"The new EI rules strike a blow for hard-working Canadian taxpayers, against habitual pogey collectors who have been enjoying part-time work with other people's money for far too long... If you've been collecting pogey more than one year in the past five, maybe it's time to get some training, find a different line of work, or move to where the jobs are... Let's remember, these so-called benefits are nothing more than other people's EI tax money - over $20 billion dollars - forcibly taken from them... Every Canadian should be entitled to keep the money they work for, not have government tax it away and give it out in an attempt to buy votes." - Gregory Thomas, Canadian Taxpayers Federation, from a press release. (Handout)

  • Ken Georgetti, Canadian Labour Congress

    "What she should do as a responsible cabinet minister is take these changes out of that budget bill and start to talk to the people who know the system better than she... Instead she comes up with more fatuous suggestions about situations that really don't exist out there... This is ridiculous economic policy. It's short-term thinking and it's political football with the people that are the most vulnerable in our society. People who are unemployed don't want to be unemployed. This government would have you believe that they're sitting there and surfing off the shores of Nova Scotia or skiing in the mountains of British Columbia... it's not true." - Ken Georgetti, Canadian Labour Congress, speaking on CBC News Network. (Handout)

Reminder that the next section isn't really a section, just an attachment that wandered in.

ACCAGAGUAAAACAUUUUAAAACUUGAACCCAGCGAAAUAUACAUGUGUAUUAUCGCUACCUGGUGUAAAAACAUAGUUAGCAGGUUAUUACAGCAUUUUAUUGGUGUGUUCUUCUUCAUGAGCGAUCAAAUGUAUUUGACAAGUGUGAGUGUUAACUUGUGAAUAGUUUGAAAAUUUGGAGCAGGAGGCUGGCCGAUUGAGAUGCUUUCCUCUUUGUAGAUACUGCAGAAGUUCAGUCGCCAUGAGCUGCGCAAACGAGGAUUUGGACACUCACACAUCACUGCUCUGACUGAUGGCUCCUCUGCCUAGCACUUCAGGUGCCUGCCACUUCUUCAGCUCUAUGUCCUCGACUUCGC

• Catherine Swift, Canadian Federation of Independent Business

    "We believe the changes to defining suitable employment, based on how frequently EI is claimed, will help to remove disincentives to work and hopefully make it easier for small firms to find the people they need... Under the current system, 22 per cent of small business owners said they had difficulty hiring as potential workers would rather stay on EI benefits and another 16 per cent said they had been asked by an employee to lay them off to allow them to collect benefits... Employers agree that EI should be there for those who lose a job through no fault of their own, but do not accept that the system should be used as some form of paid vacation or ongoing lifestyle for those who choose not to work." - Catherine Swift, Canadian Federation of Independent Business, quoted in a news release. (Handout